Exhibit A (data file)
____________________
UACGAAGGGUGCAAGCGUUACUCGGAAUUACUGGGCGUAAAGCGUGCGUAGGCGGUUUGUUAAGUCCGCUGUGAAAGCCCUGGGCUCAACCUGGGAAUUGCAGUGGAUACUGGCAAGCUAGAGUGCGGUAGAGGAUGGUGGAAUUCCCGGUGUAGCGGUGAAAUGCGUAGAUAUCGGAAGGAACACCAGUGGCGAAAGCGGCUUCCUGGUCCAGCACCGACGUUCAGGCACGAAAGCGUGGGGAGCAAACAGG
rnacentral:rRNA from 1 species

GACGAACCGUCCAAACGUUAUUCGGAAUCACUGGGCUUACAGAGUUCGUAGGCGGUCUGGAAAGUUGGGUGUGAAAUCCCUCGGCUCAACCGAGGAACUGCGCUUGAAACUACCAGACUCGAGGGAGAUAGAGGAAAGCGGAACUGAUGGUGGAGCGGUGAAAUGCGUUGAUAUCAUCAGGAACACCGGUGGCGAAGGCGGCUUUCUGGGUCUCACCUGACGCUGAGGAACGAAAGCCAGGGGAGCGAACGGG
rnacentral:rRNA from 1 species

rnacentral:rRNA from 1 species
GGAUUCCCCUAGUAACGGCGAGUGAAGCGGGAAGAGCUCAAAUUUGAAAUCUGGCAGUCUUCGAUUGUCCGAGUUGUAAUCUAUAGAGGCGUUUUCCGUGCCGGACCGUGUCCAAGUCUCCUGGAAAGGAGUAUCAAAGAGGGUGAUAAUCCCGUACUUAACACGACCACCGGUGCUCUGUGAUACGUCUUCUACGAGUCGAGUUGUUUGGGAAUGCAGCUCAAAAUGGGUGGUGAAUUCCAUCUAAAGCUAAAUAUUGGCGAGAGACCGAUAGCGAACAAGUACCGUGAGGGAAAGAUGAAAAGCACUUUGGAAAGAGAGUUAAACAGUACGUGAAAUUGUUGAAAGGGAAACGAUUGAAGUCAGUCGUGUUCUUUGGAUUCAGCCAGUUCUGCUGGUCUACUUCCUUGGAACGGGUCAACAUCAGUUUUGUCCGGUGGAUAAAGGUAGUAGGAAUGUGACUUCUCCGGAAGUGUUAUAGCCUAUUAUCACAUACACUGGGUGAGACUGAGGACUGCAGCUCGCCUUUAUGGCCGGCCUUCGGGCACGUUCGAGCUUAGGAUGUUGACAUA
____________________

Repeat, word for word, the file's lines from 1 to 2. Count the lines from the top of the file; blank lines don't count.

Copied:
UACGAAGGGUGCAAGCGUUACUCGGAAUUACUGGGCGUAAAGCGUGCGUAGGCGGUUUGUUAAGUCCGCUGUGAAAGCCCUGGGCUCAACCUGGGAAUUGCAGUGGAUACUGGCAAGCUAGAGUGCGGUAGAGGAUGGUGGAAUUCCCGGUGUAGCGGUGAAAUGCGUAGAUAUCGGAAGGAACACCAGUGGCGAAAGCGGCUUCCUGGUCCAGCACCGACGUUCAGGCACGAAAGCGUGGGGAGCAAACAGG
rnacentral:rRNA from 1 species